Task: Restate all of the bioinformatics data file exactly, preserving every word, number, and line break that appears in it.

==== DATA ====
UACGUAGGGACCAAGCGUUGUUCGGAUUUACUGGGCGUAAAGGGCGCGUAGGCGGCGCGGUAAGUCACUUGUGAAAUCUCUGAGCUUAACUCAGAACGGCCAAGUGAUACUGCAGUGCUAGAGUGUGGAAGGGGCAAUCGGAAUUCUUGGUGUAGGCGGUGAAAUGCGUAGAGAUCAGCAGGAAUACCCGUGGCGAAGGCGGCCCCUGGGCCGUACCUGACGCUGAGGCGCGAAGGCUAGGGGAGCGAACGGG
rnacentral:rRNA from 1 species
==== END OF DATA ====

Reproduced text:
UACGUAGGGACCAAGCGUUGUUCGGAUUUACUGGGCGUAAAGGGCGCGUAGGCGGCGCGGUAAGUCACUUGUGAAAUCUCUGAGCUUAACUCAGAACGGCCAAGUGAUACUGCAGUGCUAGAGUGUGGAAGGGGCAAUCGGAAUUCUUGGUGUAGGCGGUGAAAUGCGUAGAGAUCAGCAGGAAUACCCGUGGCGAAGGCGGCCCCUGGGCCGUACCUGACGCUGAGGCGCGAAGGCUAGGGGAGCGAACGGG
rnacentral:rRNA from 1 species